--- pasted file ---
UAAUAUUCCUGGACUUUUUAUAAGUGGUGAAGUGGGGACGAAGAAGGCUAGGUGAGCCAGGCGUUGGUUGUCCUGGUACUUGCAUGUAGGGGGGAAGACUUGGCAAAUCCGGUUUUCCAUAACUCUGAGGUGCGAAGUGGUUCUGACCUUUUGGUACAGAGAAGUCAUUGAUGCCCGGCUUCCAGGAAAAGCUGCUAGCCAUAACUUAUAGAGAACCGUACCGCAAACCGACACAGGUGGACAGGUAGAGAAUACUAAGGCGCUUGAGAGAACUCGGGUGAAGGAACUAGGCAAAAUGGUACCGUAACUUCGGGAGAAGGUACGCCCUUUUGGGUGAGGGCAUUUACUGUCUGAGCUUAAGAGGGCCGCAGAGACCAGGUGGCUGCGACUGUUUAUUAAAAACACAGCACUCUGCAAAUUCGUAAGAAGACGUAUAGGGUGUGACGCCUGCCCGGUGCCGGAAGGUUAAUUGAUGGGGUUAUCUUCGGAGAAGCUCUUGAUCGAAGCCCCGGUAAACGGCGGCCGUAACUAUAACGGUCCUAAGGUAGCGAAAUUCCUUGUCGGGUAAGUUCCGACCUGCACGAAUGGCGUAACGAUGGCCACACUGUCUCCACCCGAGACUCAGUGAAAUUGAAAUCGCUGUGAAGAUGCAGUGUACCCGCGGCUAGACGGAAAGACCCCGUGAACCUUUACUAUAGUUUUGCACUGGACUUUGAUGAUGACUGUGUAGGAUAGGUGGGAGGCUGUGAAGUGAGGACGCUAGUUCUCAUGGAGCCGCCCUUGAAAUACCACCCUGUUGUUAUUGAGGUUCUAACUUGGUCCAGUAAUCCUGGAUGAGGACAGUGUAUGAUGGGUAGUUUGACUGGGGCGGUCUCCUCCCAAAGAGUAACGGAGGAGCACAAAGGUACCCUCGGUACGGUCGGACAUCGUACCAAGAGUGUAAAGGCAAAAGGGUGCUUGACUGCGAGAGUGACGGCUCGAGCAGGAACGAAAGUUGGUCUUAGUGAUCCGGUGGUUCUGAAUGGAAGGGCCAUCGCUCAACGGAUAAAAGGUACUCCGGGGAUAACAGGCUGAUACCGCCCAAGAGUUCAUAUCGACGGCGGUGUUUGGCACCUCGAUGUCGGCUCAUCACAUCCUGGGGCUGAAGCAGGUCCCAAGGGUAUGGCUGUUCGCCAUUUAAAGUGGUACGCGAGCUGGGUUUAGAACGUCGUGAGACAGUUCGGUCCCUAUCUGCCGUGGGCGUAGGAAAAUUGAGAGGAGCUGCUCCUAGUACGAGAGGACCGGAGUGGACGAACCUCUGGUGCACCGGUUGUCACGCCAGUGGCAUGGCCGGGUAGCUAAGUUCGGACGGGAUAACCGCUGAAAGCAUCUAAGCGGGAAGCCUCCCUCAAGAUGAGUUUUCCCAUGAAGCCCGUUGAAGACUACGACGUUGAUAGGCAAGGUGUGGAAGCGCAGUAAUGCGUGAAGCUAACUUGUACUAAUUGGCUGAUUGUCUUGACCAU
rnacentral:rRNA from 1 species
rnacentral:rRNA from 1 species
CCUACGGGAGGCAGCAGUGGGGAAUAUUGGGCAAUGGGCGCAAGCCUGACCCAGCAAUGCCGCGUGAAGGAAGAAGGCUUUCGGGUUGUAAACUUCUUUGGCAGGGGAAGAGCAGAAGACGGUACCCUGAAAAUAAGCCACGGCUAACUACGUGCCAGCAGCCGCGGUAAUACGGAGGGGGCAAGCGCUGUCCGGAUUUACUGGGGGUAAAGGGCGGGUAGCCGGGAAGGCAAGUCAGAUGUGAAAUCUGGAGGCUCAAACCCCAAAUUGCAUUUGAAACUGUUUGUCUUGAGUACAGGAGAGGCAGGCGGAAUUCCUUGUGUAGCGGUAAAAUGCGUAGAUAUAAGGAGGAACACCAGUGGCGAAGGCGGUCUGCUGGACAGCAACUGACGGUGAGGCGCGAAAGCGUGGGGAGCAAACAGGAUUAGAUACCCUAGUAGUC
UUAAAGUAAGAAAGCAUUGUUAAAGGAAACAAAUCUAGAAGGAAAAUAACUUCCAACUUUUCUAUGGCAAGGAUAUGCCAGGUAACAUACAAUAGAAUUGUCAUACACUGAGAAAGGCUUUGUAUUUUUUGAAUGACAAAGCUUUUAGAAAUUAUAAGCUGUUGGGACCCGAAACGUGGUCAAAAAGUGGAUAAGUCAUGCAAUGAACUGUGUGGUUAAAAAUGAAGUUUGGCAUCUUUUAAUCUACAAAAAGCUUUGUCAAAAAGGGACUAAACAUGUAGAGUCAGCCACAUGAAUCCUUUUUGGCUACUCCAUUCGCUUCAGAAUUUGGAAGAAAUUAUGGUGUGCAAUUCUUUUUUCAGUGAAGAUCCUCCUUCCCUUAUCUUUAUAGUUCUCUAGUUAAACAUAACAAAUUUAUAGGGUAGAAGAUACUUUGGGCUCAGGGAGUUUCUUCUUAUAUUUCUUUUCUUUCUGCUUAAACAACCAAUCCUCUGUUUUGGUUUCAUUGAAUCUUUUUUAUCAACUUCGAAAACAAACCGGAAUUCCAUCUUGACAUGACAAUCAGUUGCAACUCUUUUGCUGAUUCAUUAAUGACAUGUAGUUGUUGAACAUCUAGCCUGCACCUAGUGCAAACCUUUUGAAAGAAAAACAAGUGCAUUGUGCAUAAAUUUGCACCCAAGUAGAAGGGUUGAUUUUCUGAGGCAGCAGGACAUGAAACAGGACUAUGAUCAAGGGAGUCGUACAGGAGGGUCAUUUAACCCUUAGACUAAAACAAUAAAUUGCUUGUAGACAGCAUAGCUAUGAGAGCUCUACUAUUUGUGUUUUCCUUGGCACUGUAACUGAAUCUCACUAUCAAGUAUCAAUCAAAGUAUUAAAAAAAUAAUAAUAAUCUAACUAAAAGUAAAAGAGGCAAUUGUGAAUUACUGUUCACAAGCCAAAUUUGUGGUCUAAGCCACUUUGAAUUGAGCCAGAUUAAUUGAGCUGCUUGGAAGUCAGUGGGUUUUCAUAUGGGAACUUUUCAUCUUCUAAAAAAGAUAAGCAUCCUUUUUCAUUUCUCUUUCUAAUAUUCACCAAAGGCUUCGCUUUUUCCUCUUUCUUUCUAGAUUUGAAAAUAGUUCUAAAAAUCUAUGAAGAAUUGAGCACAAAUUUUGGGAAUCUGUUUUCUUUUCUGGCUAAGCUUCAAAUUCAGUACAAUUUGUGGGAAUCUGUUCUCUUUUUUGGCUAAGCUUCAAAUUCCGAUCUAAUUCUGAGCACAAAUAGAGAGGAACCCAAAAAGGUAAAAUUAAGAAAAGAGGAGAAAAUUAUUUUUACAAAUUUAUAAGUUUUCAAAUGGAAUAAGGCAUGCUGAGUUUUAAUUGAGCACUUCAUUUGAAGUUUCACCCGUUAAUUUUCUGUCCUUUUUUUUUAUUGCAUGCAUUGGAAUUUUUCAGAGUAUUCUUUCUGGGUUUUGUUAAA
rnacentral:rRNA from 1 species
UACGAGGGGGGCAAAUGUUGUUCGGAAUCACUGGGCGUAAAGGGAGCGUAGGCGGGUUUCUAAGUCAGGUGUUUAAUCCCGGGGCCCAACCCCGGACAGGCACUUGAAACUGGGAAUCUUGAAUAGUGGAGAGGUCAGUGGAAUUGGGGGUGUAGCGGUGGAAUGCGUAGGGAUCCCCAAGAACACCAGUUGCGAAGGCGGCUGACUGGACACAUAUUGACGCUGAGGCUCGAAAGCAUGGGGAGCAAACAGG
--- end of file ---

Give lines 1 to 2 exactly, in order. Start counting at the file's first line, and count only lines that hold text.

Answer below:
UAAUAUUCCUGGACUUUUUAUAAGUGGUGAAGUGGGGACGAAGAAGGCUAGGUGAGCCAGGCGUUGGUUGUCCUGGUACUUGCAUGUAGGGGGGAAGACUUGGCAAAUCCGGUUUUCCAUAACUCUGAGGUGCGAAGUGGUUCUGACCUUUUGGUACAGAGAAGUCAUUGAUGCCCGGCUUCCAGGAAAAGCUGCUAGCCAUAACUUAUAGAGAACCGUACCGCAAACCGACACAGGUGGACAGGUAGAGAAUACUAAGGCGCUUGAGAGAACUCGGGUGAAGGAACUAGGCAAAAUGGUACCGUAACUUCGGGAGAAGGUACGCCCUUUUGGGUGAGGGCAUUUACUGUCUGAGCUUAAGAGGGCCGCAGAGACCAGGUGGCUGCGACUGUUUAUUAAAAACACAGCACUCUGCAAAUUCGUAAGAAGACGUAUAGGGUGUGACGCCUGCCCGGUGCCGGAAGGUUAAUUGAUGGGGUUAUCUUCGGAGAAGCUCUUGAUCGAAGCCCCGGUAAACGGCGGCCGUAACUAUAACGGUCCUAAGGUAGCGAAAUUCCUUGUCGGGUAAGUUCCGACCUGCACGAAUGGCGUAACGAUGGCCACACUGUCUCCACCCGAGACUCAGUGAAAUUGAAAUCGCUGUGAAGAUGCAGUGUACCCGCGGCUAGACGGAAAGACCCCGUGAACCUUUACUAUAGUUUUGCACUGGACUUUGAUGAUGACUGUGUAGGAUAGGUGGGAGGCUGUGAAGUGAGGACGCUAGUUCUCAUGGAGCCGCCCUUGAAAUACCACCCUGUUGUUAUUGAGGUUCUAACUUGGUCCAGUAAUCCUGGAUGAGGACAGUGUAUGAUGGGUAGUUUGACUGGGGCGGUCUCCUCCCAAAGAGUAACGGAGGAGCACAAAGGUACCCUCGGUACGGUCGGACAUCGUACCAAGAGUGUAAAGGCAAAAGGGUGCUUGACUGCGAGAGUGACGGCUCGAGCAGGAACGAAAGUUGGUCUUAGUGAUCCGGUGGUUCUGAAUGGAAGGGCCAUCGCUCAACGGAUAAAAGGUACUCCGGGGAUAACAGGCUGAUACCGCCCAAGAGUUCAUAUCGACGGCGGUGUUUGGCACCUCGAUGUCGGCUCAUCACAUCCUGGGGCUGAAGCAGGUCCCAAGGGUAUGGCUGUUCGCCAUUUAAAGUGGUACGCGAGCUGGGUUUAGAACGUCGUGAGACAGUUCGGUCCCUAUCUGCCGUGGGCGUAGGAAAAUUGAGAGGAGCUGCUCCUAGUACGAGAGGACCGGAGUGGACGAACCUCUGGUGCACCGGUUGUCACGCCAGUGGCAUGGCCGGGUAGCUAAGUUCGGACGGGAUAACCGCUGAAAGCAUCUAAGCGGGAAGCCUCCCUCAAGAUGAGUUUUCCCAUGAAGCCCGUUGAAGACUACGACGUUGAUAGGCAAGGUGUGGAAGCGCAGUAAUGCGUGAAGCUAACUUGUACUAAUUGGCUGAUUGUCUUGACCAU
rnacentral:rRNA from 1 species